I first heard of Joni Mitchell when I was about 12 or 13. I had bought a Top of the Pops yearbook, which had the birthdays of all my favourite pop stars like The Osmonds, The Beatles, ABBA, and not such favourites like the Bay City Rollers. Eagerly I turned to my birthday, wondering who I would share it with. 7th November contained 2 entries;
Billy Graham the evangelist(not sure why he was there), and someone named Joni Mitchell. Consulting my brother, the musical expert of the family, I learnt that she was a singer/songwriter, and I vaguely remembered the sond Woodstock, but that was it. Slightly disappointed I turned back to find out when little Jimmy Osmond's birthday was. Sad but true, I was a Jimmy fan.
Going forward a few years, the excellent local music library provided my proper introduction to Joni Mitchell. I think it was Blue or Ladies of the Canyon I borrowed first, and as I was also learning the guitar at the time, Joni's blend of guitar and vocals made an instant impression. The only limit on my Joni-education was whether the records were in stock at the library. Indeed, certain omissions in my Joni-knowledge can be blamed on Coventry City Library service not having a copy of Don Juan's Reckless Daughter, (or maybe it was that I couldn't afford the fee for a double album!) To aid my Joni-education, the BBC had a Joni Mitchell concert one evening. A good 50 minutes or so, it was about the time of Wild Things Run Fast, but she did many of her old songs too, including a great solo Case of You. I was definitely hooked.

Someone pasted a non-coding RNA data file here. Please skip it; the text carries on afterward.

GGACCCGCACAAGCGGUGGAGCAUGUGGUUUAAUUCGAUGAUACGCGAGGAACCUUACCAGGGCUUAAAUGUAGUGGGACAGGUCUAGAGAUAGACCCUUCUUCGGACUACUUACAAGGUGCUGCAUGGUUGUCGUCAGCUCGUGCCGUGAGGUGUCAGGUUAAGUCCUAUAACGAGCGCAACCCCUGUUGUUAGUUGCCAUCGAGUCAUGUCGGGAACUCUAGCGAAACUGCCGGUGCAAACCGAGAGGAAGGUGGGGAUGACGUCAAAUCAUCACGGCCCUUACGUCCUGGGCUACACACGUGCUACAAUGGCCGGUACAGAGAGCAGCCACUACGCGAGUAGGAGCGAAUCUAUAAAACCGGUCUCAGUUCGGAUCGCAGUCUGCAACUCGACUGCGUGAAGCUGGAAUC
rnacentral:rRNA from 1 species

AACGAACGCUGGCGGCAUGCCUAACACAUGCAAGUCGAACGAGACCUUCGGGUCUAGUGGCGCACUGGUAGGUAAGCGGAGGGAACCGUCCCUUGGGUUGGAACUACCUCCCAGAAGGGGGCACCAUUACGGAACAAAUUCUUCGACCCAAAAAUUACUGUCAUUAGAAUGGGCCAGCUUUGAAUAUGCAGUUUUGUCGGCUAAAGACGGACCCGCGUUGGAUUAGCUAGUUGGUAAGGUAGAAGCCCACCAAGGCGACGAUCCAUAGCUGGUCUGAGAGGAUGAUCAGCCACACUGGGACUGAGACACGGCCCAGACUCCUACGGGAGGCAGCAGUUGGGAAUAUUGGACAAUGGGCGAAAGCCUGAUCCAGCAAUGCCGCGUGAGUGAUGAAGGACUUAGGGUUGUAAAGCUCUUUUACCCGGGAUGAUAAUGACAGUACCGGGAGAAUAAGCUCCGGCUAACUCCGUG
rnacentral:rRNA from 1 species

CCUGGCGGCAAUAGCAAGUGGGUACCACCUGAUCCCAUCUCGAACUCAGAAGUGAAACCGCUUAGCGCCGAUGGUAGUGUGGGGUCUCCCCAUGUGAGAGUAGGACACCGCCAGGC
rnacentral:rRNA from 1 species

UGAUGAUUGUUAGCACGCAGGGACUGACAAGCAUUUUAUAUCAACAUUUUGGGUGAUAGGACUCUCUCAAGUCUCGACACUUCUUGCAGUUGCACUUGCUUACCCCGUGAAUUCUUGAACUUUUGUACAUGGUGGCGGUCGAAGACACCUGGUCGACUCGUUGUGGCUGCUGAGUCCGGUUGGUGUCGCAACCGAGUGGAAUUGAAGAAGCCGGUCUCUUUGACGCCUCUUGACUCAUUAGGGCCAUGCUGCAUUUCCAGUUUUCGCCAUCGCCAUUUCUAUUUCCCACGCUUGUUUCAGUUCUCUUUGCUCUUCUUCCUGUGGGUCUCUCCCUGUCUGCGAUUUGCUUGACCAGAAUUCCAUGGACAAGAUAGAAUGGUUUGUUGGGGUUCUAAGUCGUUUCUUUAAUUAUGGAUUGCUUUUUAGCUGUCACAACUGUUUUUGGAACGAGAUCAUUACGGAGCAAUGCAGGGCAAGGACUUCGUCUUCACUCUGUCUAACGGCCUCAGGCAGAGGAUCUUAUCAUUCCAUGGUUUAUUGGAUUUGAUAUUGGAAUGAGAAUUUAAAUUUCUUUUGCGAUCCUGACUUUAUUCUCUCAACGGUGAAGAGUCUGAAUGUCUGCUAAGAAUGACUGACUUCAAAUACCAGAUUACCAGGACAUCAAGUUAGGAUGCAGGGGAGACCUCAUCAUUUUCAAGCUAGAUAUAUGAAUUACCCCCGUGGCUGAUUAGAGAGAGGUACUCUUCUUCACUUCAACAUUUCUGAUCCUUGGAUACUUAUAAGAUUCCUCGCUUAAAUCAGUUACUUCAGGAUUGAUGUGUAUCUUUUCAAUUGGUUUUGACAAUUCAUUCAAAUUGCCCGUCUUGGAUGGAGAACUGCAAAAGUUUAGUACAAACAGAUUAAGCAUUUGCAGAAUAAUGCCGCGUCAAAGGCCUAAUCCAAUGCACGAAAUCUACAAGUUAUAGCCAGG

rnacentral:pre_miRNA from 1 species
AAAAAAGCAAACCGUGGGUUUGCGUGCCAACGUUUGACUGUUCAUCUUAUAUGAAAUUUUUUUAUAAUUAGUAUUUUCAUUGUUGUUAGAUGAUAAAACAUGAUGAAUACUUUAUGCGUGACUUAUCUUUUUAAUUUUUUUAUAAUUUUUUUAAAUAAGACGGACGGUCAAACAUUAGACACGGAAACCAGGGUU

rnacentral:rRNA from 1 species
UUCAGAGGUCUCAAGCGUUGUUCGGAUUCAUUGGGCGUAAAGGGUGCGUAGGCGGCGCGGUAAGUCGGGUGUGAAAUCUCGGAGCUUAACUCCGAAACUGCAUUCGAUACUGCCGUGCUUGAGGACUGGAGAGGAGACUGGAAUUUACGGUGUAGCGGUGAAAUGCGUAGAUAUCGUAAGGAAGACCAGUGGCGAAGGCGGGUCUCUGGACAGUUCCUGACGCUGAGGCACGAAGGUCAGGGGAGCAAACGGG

It was soon apparent that those early records were merely one of Joni's many styles, and while she had most success with the more melodic folksy songs, I enjoyed all of the styles up to Wild Things Run Fast very much. From the jazzy Mingus(I ADORE those Wolf howls on The Wolf that lived in Lindsay), to the simply brilliant Blue (too many highlights there, erm, Case of You, Blue and Last Time I saw Richard probably my favourites.) The melodic swing of Court and Spark to the moody Hejira, (I could listen to Furry Sings the Blues all day- definitely to die for.) To add to the pleasure of listening to the many Joni sounds, was the challenge of trying to play them on the guitar. Even with a music book(good old Library again!) it was a challenge. I had never heard of open tunings, although I can still remember the joy at finally mastering Peoples Parties in open D tuning.
Have a browse through Joni Mitchell's records- including my opinions on some, or find out a little more about Joni herself.